Fun., a band known for its desire to create unique music without compromising their integrity, recently signed with a major record label, Fueled by Ramen, with the production of their newest album. Nate Reuss, a singer/songwriter known for his distaste for big record companies, wrote a song called “The Compromise”, effectively terminating him from his previous label. Every aspect of Fun. jabs at formulaic albums produced by record companies.
Reuss is a skilled vocalist who lifts songs to new heights with his vocal talents alone. However, he auto-tunes his voice on occasion which detracts from the music and covers up his true talent as a singer. Sadly, the auto-tuning is not the worst offense on the album. Drum loops and other technological innovations are sampled frequently by Fun.. They tend to try almost every single technological sound as if they had never used this technology before.
Even the lyrics have declined. Reuss’s talent has been in singing, not songwriting. He, at one time, wrote complete songs. However, he now writes half of a song and overly repeats the chorus to fill the gaps in the music. Musically, these songs don’t go anywhere and make the music uneasy to listen too.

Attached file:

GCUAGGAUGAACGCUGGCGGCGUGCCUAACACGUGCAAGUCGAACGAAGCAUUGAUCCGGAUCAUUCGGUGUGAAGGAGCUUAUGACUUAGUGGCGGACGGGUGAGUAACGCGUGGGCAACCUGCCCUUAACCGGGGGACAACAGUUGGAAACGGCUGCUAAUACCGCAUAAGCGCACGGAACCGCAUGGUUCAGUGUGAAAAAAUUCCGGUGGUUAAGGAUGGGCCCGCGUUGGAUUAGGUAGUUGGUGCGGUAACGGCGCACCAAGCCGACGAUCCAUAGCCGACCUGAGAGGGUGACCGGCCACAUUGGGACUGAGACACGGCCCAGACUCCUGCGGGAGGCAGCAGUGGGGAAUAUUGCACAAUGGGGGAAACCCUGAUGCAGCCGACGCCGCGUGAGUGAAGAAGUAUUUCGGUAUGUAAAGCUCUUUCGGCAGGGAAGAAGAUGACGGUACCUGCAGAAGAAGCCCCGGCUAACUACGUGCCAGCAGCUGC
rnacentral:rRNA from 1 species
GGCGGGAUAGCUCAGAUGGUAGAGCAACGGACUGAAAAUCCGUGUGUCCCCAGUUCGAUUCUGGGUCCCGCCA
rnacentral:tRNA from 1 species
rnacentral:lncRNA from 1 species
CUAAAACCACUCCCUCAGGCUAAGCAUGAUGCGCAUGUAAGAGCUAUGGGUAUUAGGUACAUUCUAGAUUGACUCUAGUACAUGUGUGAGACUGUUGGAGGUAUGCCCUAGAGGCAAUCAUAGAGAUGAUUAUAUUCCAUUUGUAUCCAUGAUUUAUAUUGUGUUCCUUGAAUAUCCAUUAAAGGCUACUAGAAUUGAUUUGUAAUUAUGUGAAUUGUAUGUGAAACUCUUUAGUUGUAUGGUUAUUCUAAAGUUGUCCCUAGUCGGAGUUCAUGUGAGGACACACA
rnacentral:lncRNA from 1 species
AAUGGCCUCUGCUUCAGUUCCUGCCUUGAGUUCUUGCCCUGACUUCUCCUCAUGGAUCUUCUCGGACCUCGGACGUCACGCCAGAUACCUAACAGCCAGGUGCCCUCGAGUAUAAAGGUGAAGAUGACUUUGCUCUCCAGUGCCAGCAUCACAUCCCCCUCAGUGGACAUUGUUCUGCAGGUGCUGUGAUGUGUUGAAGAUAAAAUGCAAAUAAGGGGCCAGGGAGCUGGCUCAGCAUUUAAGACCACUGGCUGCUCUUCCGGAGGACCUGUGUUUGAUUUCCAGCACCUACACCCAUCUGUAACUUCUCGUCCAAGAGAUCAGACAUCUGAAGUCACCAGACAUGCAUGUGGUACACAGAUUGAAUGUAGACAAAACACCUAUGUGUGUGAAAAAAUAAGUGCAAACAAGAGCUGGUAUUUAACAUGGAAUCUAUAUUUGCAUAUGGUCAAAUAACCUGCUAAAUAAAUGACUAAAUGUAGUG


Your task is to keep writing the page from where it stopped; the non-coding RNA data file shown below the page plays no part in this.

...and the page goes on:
Creating a sense of rigidity to the album, Fun. begins with their classic indie style and moves to teen rock, and electronic pop. While bands can explore many genres, if they explore too much in one album they lose their cohesiveness and create an atmosphere of confusion. Instead of crafting a nicely thought-out album, Some Nights remains as a collection of songs.
Aspects of Reuss’ talent do appear on occasion. The band’s old work shines through and redeems the album on many respects. Drawing inspiration from rock-legend Queen, Fun. does so in a respectful and energetic manner. They set the stage for an album that is much more musically focused than the one that follows. “Why Am I the One” sheds the gimmicks that the rest of the album uses in favor of a cleaner sound. The track “All Alone” creates a unique fusion of indie-pop with hip-hop, and the album’s bonus track “Out On the Town” manages to not overburden listeners with its drum loops. These brief moments, while showcasing Fun.’s potential, will inevitably leave many listeners disappointed.
Understandably, after signing to a rather large label, Fun. became enamored with all of their new shiny equipment. Fun. needs to rediscover what made them popular in the first place and create an album with those tactics. More money and equipment does not equate to better music. Hopefully, Reuss and Fun. will recognize this and attempt to do more with less on the next album.
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